Sit, Stand, Walk: Taking Exercise Day by Day With Myeloma | Transcript | Multiple Myeloma | Patient Power


Sit, Stand, Walk: Taking Exercise Day by Day With Myeloma

Please remember the opinions expressed on Patient Power are not necessarily the views of our sponsors, contributors, partners or Patient Power. Our discussions are not a substitute for seeking medical advice or care from your own doctor. That’s how you’ll get care that’s most appropriate for you. 

Andrew Schorr:

Jim, I wanted to ask you, you've been through so much, what do you say to patients now about the role of exercise for you, and what you would say to them no matter where they are in their myeloma journey? 

Jim Bond:

Yeah, I'd like to start 25 years ago when I was diagnosed with stage III myeloma.  I have a history of wanting to exercise, but let me start with my first transplant, which was right—right out of the shoot, right after they got me ready for a transplant 25 years ago.  It was important to me, Melanie, that I kept my body as strong as I could going into the transplant, eating the right things and trying to do exercise each day. And then when I got in the bone marrow unit, it was my goal to get out of bed as much as I could. 

And in those days, the nurses would scold me and say, “Jim, why are you dragging your IV poles around the bone marrow transplant floor?  You're in our way as nurses.”  And I explained to them that I use the bed to sleep at night.  I'm really not going to lie around my bed during the daytime.

And eventually we reached some kind of compromises, and they even brought a treadmill outside of my room, so I would stay out of their way and be able to get my daily exercise in. 

But that was really important to me. And instead of the six weeks that they had said it's going to take you to get out of this first bone marrow transplant, I was able to get out of there in three weeks. And luckily the day before our oldest son graduated from college, so I got to be there.  So it reinforced my belief that daily exercise, whether I'm in the hospital or not, really makes sense.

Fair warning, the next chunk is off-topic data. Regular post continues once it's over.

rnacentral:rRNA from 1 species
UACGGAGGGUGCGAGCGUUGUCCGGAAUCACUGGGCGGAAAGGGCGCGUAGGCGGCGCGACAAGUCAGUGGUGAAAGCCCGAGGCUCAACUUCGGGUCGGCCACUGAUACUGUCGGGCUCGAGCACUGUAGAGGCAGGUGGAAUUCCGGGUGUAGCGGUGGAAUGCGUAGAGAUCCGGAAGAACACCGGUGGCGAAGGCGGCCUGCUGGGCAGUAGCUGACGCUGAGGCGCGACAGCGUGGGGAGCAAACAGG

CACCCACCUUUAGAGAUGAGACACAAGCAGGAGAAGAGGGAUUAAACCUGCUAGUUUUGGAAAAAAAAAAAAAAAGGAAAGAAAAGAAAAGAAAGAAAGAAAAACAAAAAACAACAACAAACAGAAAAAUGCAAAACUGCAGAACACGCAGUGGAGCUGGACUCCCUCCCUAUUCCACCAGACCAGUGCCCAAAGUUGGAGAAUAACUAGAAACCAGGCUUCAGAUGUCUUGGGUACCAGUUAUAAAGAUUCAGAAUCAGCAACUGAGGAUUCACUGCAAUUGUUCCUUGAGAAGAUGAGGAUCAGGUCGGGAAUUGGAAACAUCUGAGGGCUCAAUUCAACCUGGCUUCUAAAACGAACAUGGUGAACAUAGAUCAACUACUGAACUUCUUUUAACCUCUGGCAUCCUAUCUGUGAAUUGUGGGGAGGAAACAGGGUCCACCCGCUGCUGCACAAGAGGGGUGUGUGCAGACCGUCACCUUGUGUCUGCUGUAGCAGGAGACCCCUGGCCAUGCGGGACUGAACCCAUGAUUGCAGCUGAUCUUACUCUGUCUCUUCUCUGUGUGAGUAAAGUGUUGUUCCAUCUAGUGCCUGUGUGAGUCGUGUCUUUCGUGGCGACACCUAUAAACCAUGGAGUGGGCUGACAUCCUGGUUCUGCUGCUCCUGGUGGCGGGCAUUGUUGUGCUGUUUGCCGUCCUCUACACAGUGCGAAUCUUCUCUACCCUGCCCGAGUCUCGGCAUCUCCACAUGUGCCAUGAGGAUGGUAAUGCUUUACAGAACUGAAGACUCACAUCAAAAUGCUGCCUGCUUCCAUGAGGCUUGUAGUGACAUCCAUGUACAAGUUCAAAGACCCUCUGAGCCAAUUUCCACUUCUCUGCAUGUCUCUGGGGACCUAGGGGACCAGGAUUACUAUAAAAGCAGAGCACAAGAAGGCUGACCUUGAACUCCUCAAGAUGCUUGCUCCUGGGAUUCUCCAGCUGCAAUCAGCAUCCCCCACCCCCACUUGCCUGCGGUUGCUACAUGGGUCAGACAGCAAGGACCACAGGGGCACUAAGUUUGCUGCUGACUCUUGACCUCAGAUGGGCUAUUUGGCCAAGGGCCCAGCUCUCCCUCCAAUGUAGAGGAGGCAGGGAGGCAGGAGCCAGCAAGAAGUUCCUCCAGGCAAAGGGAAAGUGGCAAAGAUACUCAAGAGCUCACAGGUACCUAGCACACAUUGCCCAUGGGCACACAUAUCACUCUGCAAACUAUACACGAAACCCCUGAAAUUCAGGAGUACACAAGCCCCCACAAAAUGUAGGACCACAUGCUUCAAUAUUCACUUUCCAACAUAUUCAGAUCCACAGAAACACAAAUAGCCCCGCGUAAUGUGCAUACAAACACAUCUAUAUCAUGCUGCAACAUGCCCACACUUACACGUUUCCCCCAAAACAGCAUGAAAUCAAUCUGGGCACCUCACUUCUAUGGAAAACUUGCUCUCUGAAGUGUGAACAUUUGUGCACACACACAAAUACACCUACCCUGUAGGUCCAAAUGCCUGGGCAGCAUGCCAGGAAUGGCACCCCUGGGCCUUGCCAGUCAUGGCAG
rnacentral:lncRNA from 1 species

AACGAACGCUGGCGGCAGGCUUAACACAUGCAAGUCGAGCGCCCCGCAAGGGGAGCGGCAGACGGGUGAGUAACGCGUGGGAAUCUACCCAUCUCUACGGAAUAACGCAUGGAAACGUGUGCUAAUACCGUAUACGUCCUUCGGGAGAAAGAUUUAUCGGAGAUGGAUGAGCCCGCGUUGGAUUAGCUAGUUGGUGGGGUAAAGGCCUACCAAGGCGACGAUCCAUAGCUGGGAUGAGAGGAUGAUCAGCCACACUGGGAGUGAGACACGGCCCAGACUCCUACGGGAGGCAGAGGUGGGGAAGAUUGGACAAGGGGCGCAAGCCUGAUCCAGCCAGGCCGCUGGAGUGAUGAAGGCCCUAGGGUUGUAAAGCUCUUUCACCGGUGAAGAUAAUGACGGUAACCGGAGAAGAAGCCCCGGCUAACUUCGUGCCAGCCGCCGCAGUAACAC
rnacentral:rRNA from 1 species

But I would—I did take this up during that first transplant: I use the phrase, sit, stand, walk and by that I mean, yes, there are days during transplant and other procedures when you feel really crummy. And you are knocked down, you're full of whatever drug, and you're lying in bed. 

So some days it was all I could do to make myself sit up in that bed, but here's the thing, Andrew.  I did make myself do that.  I'd make myself get into an upright, sitting position as long as I could, and then I made myself stand next to the bed as long as I could.  And now it sounds very small, but, believe me, it was not at the time.  And then I'd make myself take that first and second step, and before you know it I'm walking up and down the halls getting scolded by nurses. 

Same thing when I got home.  I'd make myself walk as far as I could to the end of the block, and it was hard.  And then the next day, I'd try a little bit longer and a little bit longer. And I just became—I became convinced, and I am to this day, that doing something every single day that's safe and in accordance with our doctors' and physical therapists' advice that really did help me stay alive, and it's helping me today.  I still do it.

Please remember the opinions expressed on Patient Power are not necessarily the views of our sponsors, contributors, partners or Patient Power. Our discussions are not a substitute for seeking medical advice or care from your own doctor. That’s how you’ll get care that’s most appropriate for you. 

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Page last updated on November 7, 2017